Both nuclear plants issued flooding alerts earlier this month, although they were routine as the river's rise has been expected. Cooper has been operating at full capacity.

Flooding remains a concern all along the Missouri because of massive amounts of water the U.S. Army Corps of Engineers has released from upstream reservoirs. The river is expected to rise as much as 7 feet (2 meters) above flood stage in much of Nebraska and Iowa and as much as 10 feet (3 meters) over flood stage in parts of Missouri.

The corps expects the river to remain high at least into August because of heavy spring rains in the upper Plains and substantial Rocky Mountain snowpack melting into the river basin.

Fire Crews fight Los Alamos blaze By Staff on 27 June 2011 for Environment News Service - ( Image above: Fire crews fight Las Conchas wildfire threatening Los Alamos nuclear facility. From ( Fire crews have contained a wildfire in a remote outdoor area of Los Alamos National Laboratory, which is responsible for ensuring the safety, security, and reliability of the nation's nuclear weapons.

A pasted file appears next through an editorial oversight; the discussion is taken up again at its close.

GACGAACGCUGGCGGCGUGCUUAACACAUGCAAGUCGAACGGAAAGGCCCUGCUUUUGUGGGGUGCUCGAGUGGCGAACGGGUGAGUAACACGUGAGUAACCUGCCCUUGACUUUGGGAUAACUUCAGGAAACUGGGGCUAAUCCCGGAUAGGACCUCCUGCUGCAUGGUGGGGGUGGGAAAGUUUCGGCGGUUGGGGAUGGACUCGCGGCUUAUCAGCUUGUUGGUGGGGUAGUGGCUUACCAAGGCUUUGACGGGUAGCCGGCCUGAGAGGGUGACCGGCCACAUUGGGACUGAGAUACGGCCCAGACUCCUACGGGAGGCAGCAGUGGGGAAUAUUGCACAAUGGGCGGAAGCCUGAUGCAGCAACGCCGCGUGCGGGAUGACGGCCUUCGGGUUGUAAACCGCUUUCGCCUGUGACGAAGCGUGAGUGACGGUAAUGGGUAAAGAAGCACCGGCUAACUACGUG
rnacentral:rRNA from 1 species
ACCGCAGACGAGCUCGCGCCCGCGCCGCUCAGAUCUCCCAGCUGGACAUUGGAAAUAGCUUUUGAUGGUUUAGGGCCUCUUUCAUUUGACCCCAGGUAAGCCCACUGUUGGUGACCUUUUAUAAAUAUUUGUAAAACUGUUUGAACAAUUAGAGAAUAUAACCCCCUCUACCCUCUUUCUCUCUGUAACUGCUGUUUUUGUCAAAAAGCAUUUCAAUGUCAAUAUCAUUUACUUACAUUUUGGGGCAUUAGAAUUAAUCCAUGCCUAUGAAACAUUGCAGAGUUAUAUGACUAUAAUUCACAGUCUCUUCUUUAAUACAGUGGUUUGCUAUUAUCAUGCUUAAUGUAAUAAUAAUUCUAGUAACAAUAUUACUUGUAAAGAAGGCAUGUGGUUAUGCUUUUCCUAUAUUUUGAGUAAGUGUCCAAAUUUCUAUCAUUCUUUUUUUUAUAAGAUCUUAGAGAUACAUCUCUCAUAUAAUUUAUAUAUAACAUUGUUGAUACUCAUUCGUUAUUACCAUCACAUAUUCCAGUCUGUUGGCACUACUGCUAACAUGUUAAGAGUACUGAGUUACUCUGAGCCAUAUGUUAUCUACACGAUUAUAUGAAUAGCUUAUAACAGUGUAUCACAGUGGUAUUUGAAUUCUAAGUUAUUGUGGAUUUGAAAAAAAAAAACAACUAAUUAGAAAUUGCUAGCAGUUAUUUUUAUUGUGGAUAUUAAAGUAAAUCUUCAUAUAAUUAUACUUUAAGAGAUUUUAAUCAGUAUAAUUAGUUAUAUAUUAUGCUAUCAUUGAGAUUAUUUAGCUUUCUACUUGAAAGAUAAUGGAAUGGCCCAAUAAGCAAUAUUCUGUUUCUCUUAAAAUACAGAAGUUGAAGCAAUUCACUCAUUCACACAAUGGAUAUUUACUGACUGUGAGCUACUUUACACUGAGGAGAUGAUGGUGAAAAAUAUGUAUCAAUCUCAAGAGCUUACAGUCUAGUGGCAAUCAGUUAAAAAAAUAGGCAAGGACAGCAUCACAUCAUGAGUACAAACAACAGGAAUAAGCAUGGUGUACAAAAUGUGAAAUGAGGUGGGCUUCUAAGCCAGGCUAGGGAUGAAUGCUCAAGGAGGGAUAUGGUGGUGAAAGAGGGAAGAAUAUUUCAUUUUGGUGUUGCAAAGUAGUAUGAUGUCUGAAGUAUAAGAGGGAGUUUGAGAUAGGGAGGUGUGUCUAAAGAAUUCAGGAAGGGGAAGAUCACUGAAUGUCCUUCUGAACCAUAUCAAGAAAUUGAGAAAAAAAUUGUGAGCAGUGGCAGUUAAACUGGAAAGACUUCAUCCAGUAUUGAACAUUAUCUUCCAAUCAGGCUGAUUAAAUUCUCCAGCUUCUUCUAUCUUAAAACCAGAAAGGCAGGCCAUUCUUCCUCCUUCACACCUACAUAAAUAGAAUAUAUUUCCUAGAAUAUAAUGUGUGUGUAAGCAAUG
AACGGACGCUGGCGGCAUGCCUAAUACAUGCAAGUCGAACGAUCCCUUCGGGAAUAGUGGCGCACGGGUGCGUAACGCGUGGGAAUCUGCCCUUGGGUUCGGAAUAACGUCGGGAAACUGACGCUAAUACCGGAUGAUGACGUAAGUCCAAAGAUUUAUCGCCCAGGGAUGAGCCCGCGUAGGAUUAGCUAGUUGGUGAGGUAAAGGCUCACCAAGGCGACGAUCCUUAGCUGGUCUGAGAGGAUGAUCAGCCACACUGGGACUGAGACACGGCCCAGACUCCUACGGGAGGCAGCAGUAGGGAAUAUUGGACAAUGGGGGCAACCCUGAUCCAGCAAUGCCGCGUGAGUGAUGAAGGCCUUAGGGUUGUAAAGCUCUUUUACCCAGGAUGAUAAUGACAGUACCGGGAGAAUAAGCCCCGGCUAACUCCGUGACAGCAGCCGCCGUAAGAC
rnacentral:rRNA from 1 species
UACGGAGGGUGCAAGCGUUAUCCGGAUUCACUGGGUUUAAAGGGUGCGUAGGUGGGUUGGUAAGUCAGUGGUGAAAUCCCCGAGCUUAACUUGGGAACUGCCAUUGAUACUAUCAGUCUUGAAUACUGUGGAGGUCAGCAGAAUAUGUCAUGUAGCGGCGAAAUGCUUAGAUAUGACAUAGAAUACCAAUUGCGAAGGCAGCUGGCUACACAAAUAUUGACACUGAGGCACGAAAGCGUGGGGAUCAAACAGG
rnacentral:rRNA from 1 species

Emergency officials say the Las Conchas fire, which had burned to the southern edge of New Mexico State Route 4 at the lab's southwest boundary, crossed the road to the north early this afternoon.

Air crews dumped water at the site within the lab's Technical Area 49 and brought the fire under control.

The wildfire forced a shutdown of the Los Alamos National Laboratory today and the lab will remain closed on Tuesday. The city of Los Alamos is under a mandatory evacuation order.

Las Conchas wildfire in the Santa Fe National Forest, June 26, 2011 (Photo by MyEyeSees)

Lab officials said in a statement today, "All hazardous and radioactive materials remain accounted for and are appropriately protected, as are key Lab facilities such as its proton accelerator and supercomputing centers.

"It's been a very long night for the fire crews," said Lab Director Charles McMillan. "There has been an outpouring of support from the region, the state, and the federal government and for that we are profoundly grateful."

Environmental specialists are mobilized and monitoring air quality, but say the principal concern is smoke. A plume of black and grey smoke was visible as far away as Santa Fe, 35 miles to the southeast and also in Albuquerque, 98 miles to the south.